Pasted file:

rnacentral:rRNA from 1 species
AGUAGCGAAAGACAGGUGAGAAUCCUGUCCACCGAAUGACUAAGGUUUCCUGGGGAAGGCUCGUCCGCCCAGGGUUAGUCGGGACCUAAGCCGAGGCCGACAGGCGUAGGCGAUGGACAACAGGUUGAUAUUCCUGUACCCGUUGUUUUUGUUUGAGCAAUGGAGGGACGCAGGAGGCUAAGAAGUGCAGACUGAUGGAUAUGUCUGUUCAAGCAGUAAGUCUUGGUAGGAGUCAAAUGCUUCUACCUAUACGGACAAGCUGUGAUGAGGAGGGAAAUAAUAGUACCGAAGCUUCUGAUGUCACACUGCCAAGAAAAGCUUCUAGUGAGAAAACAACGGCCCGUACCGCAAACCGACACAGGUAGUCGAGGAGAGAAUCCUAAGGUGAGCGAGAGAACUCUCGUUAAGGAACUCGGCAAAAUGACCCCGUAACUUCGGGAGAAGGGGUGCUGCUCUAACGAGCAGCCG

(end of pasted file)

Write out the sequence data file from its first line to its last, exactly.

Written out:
rnacentral:rRNA from 1 species
AGUAGCGAAAGACAGGUGAGAAUCCUGUCCACCGAAUGACUAAGGUUUCCUGGGGAAGGCUCGUCCGCCCAGGGUUAGUCGGGACCUAAGCCGAGGCCGACAGGCGUAGGCGAUGGACAACAGGUUGAUAUUCCUGUACCCGUUGUUUUUGUUUGAGCAAUGGAGGGACGCAGGAGGCUAAGAAGUGCAGACUGAUGGAUAUGUCUGUUCAAGCAGUAAGUCUUGGUAGGAGUCAAAUGCUUCUACCUAUACGGACAAGCUGUGAUGAGGAGGGAAAUAAUAGUACCGAAGCUUCUGAUGUCACACUGCCAAGAAAAGCUUCUAGUGAGAAAACAACGGCCCGUACCGCAAACCGACACAGGUAGUCGAGGAGAGAAUCCUAAGGUGAGCGAGAGAACUCUCGUUAAGGAACUCGGCAAAAUGACCCCGUAACUUCGGGAGAAGGGGUGCUGCUCUAACGAGCAGCCG